This book clearly influenced Pynchon and DFW and I would imagine Cormac McCarthy as well, but it is pretty damn unreadable. Looking behind The Recognitions, many level that criticism at Ulysses. Well, Ulysses does require some work, but the difference is that Stephen Daedalus as well as the Blooms are fantastic deeply moving and well-drawn characters and we WANT to see them succeed. In The Recognitions, there is a plethora of characters, but none of which I could have more than a shred of sympathy for: Otto is too pathetic, Wyatt is too broken, Recktail disappears before the end...and the characters around the have amusing characteristics (like the guy measuring the cracks in the ceiling, but I was like, so what. As for comparing it to the next of post-moderns, I think that Pynchon tells a more interesting story, that DFW draws more interesting characters and McCarthy doesn't overload his novels with 1000s of irrelevant characters.The book is written as a triptych where, for me, the first part starts clean and becomes incoherent, the second part is incoherent and the 3rd parts starts coherent and makes a tiny bit of sense at the end. This generates quite a lot of stress to me as a reader.The term "recognition" is used a lot in part 1 and then disappears which left me a bit rudderless.I think this book is interesting only in the historical part it played in influencing other writers, but as a standalone piece of art, it does not hold much appeal.

  • Ian
    2019-05-09 00:05

    100 Words in Search of PrecisionThe purpose of both Religion and Alchemy is to realise Perfection.Christianity places an obstacle in the path: Original Sin. We are born with an Inherent Vice. Nobody will give us assurance.Our need for meaning and happiness is so great that we fall victim to fraud and pretence.Gaddis suggests we must love and we must be active, in order to be happy.We need to construct an undivided Self, a Whole, not a Soul.There is only the Self that Lives, therefore the Life that is Lived, the Life that is Loved, the Life that is Contemplated.Review:My Review is here: Out of the Marina (Haiku)We are awakened, Lips parted, ready to sailIn hope and new ships.[Apologies to T.S. Eliot for Hai-jacking his poem "Marina"]Fake You (Haiku)Are you real or fake?How would I recognise youIf I saw your face?Inherent Vice (Haiku)I remember youAs the Inherent Vice Guy,Voicing great AdVice.Recognition (Haiku)I crave for you theRecognition you deserve,Even though you're dead.Reading Progress:The quotations in my Reading Progress are parts of the text that stood out in my quest for significance and meaning in the novel.A Few of My Favourite ThingsAt the link below are some passages fashioned out of indigo that appealed to me for their economy, simplicity and/or beauty: Glossary of AbstractionsAs I made my progress through the novel, I decided to make a Glossary of Key Words, almost all of which were Abstractions.You can find the first section here:'s quite intuitive and incomplete.I did it before I got a pdf copy of the novel that I could search.One day, when I have the time, I'll have a crack at the 81 references to "recognition".Annotations:There is an invaluable reading and thinking resource here: Reading Experience:I've written about my experience of reading the novel here:

  • Erik F.
    2019-05-14 19:53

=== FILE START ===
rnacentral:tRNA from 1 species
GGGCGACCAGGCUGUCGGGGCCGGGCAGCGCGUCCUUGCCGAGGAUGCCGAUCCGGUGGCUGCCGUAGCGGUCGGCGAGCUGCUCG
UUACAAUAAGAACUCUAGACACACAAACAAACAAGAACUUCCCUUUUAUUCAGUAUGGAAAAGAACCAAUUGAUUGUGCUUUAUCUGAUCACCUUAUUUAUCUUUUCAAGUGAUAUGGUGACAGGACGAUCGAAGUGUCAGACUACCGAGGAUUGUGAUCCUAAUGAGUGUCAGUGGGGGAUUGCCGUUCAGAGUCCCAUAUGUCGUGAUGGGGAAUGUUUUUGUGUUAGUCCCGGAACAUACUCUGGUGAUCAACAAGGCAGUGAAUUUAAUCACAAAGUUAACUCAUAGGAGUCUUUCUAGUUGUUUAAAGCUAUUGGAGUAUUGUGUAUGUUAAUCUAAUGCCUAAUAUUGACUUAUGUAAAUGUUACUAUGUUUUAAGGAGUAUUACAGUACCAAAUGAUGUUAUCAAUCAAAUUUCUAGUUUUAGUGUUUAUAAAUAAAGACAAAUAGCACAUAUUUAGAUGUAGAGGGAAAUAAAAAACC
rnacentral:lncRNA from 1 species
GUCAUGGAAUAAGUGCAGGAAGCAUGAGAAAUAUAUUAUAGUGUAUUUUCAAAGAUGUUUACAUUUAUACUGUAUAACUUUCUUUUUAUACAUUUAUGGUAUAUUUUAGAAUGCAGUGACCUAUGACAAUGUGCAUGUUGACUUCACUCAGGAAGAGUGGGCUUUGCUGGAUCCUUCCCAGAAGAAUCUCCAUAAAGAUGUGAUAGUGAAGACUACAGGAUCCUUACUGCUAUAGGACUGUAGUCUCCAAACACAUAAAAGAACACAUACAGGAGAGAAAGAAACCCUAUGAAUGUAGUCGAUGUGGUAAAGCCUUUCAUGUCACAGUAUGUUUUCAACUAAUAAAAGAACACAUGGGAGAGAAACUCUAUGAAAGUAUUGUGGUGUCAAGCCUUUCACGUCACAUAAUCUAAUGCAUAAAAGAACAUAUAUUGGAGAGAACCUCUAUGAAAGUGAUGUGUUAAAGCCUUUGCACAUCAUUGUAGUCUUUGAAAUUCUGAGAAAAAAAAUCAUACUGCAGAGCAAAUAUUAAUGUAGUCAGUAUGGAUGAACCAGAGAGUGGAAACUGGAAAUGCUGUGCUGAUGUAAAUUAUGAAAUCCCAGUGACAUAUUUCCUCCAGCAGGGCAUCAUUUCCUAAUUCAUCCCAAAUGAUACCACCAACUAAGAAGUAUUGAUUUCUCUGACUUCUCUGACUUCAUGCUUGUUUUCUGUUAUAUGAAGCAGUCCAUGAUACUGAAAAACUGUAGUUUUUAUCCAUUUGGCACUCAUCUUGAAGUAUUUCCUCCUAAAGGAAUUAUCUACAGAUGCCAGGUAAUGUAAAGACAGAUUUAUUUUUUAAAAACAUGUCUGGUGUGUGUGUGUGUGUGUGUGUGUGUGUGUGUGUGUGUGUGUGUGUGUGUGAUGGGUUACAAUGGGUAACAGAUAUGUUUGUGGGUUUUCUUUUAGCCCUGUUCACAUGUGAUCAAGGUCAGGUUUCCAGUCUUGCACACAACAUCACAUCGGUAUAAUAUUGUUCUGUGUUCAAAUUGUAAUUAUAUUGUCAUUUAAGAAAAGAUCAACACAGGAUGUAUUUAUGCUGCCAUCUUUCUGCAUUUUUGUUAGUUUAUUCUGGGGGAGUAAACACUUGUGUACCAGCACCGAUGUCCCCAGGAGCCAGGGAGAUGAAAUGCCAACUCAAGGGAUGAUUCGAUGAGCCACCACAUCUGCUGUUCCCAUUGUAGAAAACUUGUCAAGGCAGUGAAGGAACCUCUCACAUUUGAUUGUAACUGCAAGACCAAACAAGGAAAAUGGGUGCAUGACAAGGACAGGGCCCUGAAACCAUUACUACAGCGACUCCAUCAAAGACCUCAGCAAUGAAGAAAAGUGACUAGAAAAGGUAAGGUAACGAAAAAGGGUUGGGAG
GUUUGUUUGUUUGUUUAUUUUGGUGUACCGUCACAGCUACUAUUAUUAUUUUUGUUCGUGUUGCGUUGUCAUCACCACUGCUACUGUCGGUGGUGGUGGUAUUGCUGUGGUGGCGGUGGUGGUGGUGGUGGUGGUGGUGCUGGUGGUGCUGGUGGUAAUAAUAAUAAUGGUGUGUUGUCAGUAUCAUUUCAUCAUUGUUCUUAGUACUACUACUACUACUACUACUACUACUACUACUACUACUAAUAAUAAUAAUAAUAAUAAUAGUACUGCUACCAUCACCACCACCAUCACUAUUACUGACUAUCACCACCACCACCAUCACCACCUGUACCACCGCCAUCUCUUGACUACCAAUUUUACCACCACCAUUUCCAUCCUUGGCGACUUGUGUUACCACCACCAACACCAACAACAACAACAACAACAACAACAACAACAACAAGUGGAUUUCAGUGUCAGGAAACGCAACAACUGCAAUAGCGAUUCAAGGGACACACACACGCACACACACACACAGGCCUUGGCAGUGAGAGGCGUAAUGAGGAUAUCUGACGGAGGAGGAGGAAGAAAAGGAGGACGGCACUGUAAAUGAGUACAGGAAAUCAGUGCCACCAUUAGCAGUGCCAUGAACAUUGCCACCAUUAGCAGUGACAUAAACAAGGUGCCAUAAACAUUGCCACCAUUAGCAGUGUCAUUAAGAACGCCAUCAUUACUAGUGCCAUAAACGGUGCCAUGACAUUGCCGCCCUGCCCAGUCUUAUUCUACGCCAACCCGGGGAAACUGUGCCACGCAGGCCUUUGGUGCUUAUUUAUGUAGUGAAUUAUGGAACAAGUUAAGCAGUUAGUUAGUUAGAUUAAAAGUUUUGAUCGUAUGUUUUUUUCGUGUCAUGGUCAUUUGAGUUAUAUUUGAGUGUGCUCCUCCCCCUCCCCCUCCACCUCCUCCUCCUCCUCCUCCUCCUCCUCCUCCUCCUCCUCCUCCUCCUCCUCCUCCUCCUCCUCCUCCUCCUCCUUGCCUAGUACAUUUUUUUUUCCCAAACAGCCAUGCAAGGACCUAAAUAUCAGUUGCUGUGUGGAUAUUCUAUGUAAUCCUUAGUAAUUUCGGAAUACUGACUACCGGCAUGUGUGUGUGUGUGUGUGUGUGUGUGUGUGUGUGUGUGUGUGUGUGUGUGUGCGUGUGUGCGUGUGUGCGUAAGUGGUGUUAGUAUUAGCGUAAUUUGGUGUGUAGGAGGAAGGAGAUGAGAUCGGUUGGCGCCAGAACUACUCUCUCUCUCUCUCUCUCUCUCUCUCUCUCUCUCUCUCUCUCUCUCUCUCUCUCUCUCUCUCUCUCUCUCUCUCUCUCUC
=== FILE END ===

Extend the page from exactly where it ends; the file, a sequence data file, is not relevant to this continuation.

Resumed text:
Overlong? Probably. Grandiose? Almost certainly. Brilliant? Most definitely. This swollen, acerbic cult classic bursts with such wild imagination, vivid characterization and profound eloquence that I couldn't help but love it. Its many characters swirl in and out of each other's lives throughout the nearly thousand-page text, their paths and conversations overlapping like a most rambunctious Altman ensemble film (though with Gaddis's relentless and sometimes hallucinatory skewering of organized religion and the bourgeoisie, it might seem closer to a Buñuel satire).The novel is a literary triptych, divided into three distinct segments that focus on various forms of art and forgery, and the perpetually blurred line between reality and illusion (not to mention the poisonous relationship between art and capitalism). The art world is not the only subject to be impaled upon Gaddis's eviscerating pen: the realms of business, politics, and religion also get their fair share of (often well-deserved) scorn and cynicism. The book's second and largest segment, set mostly in a feverish, forbidding vision of New York City, hinges together the smaller outer segments which mirror each other in many ways. Within this framework the reader enters a social whirlwind containing sinister art dealers, eccentric writers, struggling musicians, corrupt clergymen, con artists, counterfeiters, advertising agents, hitmen, WASPs, bohemians, transvestites, desperate housewives, and so forth, as they talk, travel, eavesdrop, cheat, steal, murder and deceive their ways through their pointless days. Gaddis captures a culture of people too self-absorbed to perceive any sort of higher truth, and too emotionally atrophied to form meaningful connections with others. While the obsessive artists yearn to transcend modern humanity with their works, everyone else sinks deeper into a fog of fraud and miscommunication. The transatlantic voyage that many of the characters take in Part III dispels this fog for some, but thickens it for others, as the novel builds toward its tragic yet strangely triumphant conclusion.The Recognitions is remarkably dense and erudite; Gaddis has a striking way of intertwining historical, artistic, literary, theological and mythological arcana and symbolism with his descriptions, crafting multilayered allusions that resonate throughout the text and across centuries of human thought and creation. When he succeeds at this, it is stunning. When it seems a little strained, well, it's still educational. Readers flustered by his range of esoteric knowledge can still find much to admire elsewhere; his sardonic sense of humor will appeal to a certain audience, and his often breathtaking writing skills will appeal to anyone who loves language. So, whether or not this fiery novel is truly the missing link between literary modernism and postmodernism, it simply must be experienced on its own terms — even when it threatens to collapse under the weight of its own obese ambitions.